Research: NIEVERGELT and COLLEAGUES,

Listed in Issue 190

Abstract

NIEVERGELT and COLLEAGUES, Institute of Biochemistry and Molecular Medicine, University of Bern, 3012 Bern, Switzerland profiled ginger constituents for robust effects on proinflammatory signalling and cytokine expression in a validated assay using human whole blood.

Background

The rhizome of ginger (Zingiber officinale) is employed in Asian traditional medicine to treat mild forms of rheumatoid arthritis and fever.

Methodology

The authors profiled ginger constituents for robust effects on proinflammatory signalling and cytokine expression in a validated assay using human whole blood.

Results

Independent of the stimulus used (LPS, PMA, anti-CD28 Ab, anti-CD3 Ab, and thapsigargin), ginger constituents potently and specifically inhibited IL-1beta expression in monocytes/macrophages. Both the calcium-independent phospholipase A(2) (iPLA(2))-triggered maturation and the cytosolic phospholipase A(2) (cPLA(2))-dependent secretion of IL-1beta from isolated human monocytes were inhibited. In a fluorescence-coupled PLA(2) assay, most major ginger phenylpropanoids directly inhibited i/cPLA(2) from U937 macrophages, but not hog pancreas secretory phospholipase A(2). The effects of the ginger constituents were additive and the potency comparable to the mechanism-based inhibitor bromoenol lactone for iPLA(2) and methyl arachidonyl fluorophosphonate for cPLA(2), with 10-gingerol/-shogaol being most effective. Furthermore, a ginger extract (2 mug/ml) and 10-shogaol (2 muM) potently inhibited the release of PGE(2) and thromboxane B2 (>50%) and partially also leukotriene B(4) in LPS-stimulated macrophages. Intriguingly, the total cellular arachidonic acid was increased 2- to 3-fold in U937 cells under all experimental conditions. Our data show that the concurrent inhibition of iPLA(2) and prostanoid production causes an accumulation of free intracellular arachidonic acid by disrupting the phospholipid deacylation-reacylation cycle.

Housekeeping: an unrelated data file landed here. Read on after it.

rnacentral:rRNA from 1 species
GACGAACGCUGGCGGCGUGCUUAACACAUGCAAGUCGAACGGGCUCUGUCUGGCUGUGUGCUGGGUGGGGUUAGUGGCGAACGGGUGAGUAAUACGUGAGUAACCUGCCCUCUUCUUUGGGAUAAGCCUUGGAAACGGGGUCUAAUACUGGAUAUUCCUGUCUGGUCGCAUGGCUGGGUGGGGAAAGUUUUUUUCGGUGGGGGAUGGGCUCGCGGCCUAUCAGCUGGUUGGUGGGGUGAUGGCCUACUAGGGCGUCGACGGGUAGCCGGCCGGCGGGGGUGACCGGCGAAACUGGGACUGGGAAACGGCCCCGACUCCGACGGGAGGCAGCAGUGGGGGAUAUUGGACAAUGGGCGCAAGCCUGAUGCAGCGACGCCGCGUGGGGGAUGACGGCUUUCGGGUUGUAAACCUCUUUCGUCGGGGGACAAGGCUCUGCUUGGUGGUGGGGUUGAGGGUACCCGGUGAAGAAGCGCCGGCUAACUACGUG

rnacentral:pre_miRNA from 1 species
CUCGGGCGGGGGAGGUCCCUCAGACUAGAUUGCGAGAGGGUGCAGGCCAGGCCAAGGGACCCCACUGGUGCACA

Conclusion

The inhibition of i/cPLA(2), the resulting attenuation of IL-1beta secretion, and the simultaneous inhibition of prostanoid production by common ginger phenylpropanoids uncover a new anti-inflammatory molecular mechanism of dietary ginger that may be exploited therapeutically.

References

Nievergelt A, Marazzi J, Schoop R, Altmann KH, Gertsch J. Ginger phenylpropanoids inhibit IL-1beta and prostanoid secretion and disrupt arachidonate-phospholipid remodeling by targeting phospholipases A2. Journal of Immunology. 187(8): 4140-50 Oct 15 2011.

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